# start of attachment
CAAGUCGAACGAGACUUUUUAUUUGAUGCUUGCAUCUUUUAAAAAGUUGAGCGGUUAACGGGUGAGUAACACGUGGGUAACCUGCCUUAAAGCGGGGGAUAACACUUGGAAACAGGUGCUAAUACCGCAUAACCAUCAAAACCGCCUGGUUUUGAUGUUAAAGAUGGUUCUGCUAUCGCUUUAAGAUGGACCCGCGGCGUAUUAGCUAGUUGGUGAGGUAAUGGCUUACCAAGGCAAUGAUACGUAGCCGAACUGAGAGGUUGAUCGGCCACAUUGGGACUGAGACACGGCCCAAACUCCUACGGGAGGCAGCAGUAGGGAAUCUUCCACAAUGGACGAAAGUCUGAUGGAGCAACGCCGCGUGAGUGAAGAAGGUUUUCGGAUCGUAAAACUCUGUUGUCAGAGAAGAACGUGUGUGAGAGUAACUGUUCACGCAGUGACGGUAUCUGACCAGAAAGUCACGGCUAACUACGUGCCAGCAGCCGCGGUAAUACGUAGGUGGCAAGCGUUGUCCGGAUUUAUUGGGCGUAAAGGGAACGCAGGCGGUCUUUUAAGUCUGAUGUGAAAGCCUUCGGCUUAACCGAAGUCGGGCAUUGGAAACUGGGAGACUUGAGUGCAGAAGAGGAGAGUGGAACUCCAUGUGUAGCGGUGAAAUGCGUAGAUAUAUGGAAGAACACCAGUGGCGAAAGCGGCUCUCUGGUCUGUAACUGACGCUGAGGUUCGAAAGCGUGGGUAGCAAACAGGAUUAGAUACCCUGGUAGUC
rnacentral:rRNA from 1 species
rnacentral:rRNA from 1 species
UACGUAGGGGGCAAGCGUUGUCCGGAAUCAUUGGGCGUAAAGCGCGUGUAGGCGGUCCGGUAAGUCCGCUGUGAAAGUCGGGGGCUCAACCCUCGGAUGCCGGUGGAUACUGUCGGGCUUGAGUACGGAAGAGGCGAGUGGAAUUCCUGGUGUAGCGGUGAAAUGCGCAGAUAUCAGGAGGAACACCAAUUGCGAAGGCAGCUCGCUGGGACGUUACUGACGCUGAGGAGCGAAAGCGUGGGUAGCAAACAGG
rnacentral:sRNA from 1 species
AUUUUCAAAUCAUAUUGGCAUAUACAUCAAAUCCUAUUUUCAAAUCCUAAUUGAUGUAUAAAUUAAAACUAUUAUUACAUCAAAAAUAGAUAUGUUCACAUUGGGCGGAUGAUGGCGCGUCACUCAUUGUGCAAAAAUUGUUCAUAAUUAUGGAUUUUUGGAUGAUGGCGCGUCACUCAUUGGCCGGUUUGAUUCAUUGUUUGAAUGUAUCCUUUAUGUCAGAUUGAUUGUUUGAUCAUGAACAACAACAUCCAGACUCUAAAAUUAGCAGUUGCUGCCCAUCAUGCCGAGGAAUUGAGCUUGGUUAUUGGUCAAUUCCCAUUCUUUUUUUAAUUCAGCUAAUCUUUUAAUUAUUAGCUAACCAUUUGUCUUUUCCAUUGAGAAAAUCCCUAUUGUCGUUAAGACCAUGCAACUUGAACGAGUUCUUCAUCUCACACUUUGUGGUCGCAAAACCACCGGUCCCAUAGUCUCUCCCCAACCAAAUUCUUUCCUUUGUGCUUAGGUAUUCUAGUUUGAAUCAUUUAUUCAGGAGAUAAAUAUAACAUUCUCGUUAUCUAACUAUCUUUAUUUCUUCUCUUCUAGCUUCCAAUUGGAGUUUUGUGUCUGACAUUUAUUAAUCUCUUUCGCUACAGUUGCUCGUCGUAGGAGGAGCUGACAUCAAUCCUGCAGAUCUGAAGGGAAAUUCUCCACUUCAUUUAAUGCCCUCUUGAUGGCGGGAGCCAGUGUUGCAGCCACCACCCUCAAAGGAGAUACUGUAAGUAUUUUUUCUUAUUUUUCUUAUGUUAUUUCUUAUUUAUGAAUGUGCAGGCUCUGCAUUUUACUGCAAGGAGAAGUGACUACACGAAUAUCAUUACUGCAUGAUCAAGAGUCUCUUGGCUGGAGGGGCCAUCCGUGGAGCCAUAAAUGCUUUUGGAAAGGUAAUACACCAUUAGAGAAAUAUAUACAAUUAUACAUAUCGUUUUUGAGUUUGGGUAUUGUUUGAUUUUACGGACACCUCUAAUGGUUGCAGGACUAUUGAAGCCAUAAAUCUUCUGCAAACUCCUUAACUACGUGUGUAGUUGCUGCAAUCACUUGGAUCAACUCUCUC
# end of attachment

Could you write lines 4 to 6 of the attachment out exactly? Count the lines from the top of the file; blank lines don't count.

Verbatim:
UACGUAGGGGGCAAGCGUUGUCCGGAAUCAUUGGGCGUAAAGCGCGUGUAGGCGGUCCGGUAAGUCCGCUGUGAAAGUCGGGGGCUCAACCCUCGGAUGCCGGUGGAUACUGUCGGGCUUGAGUACGGAAGAGGCGAGUGGAAUUCCUGGUGUAGCGGUGAAAUGCGCAGAUAUCAGGAGGAACACCAAUUGCGAAGGCAGCUCGCUGGGACGUUACUGACGCUGAGGAGCGAAAGCGUGGGUAGCAAACAGG
rnacentral:sRNA from 1 species
AUUUUCAAAUCAUAUUGGCAUAUACAUCAAAUCCUAUUUUCAAAUCCUAAUUGAUGUAUAAAUUAAAACUAUUAUUACAUCAAAAAUAGAUAUGUUCACAUUGGGCGGAUGAUGGCGCGUCACUCAUUGUGCAAAAAUUGUUCAUAAUUAUGGAUUUUUGGAUGAUGGCGCGUCACUCAUUGGCCGGUUUGAUUCAUUGUUUGAAUGUAUCCUUUAUGUCAGAUUGAUUGUUUGAUCAUGAACAACAACAUCCAGACUCUAAAAUUAGCAGUUGCUGCCCAUCAUGCCGAGGAAUUGAGCUUGGUUAUUGGUCAAUUCCCAUUCUUUUUUUAAUUCAGCUAAUCUUUUAAUUAUUAGCUAACCAUUUGUCUUUUCCAUUGAGAAAAUCCCUAUUGUCGUUAAGACCAUGCAACUUGAACGAGUUCUUCAUCUCACACUUUGUGGUCGCAAAACCACCGGUCCCAUAGUCUCUCCCCAACCAAAUUCUUUCCUUUGUGCUUAGGUAUUCUAGUUUGAAUCAUUUAUUCAGGAGAUAAAUAUAACAUUCUCGUUAUCUAACUAUCUUUAUUUCUUCUCUUCUAGCUUCCAAUUGGAGUUUUGUGUCUGACAUUUAUUAAUCUCUUUCGCUACAGUUGCUCGUCGUAGGAGGAGCUGACAUCAAUCCUGCAGAUCUGAAGGGAAAUUCUCCACUUCAUUUAAUGCCCUCUUGAUGGCGGGAGCCAGUGUUGCAGCCACCACCCUCAAAGGAGAUACUGUAAGUAUUUUUUCUUAUUUUUCUUAUGUUAUUUCUUAUUUAUGAAUGUGCAGGCUCUGCAUUUUACUGCAAGGAGAAGUGACUACACGAAUAUCAUUACUGCAUGAUCAAGAGUCUCUUGGCUGGAGGGGCCAUCCGUGGAGCCAUAAAUGCUUUUGGAAAGGUAAUACACCAUUAGAGAAAUAUAUACAAUUAUACAUAUCGUUUUUGAGUUUGGGUAUUGUUUGAUUUUACGGACACCUCUAAUGGUUGCAGGACUAUUGAAGCCAUAAAUCUUCUGCAAACUCCUUAACUACGUGUGUAGUUGCUGCAAUCACUUGGAUCAACUCUCUC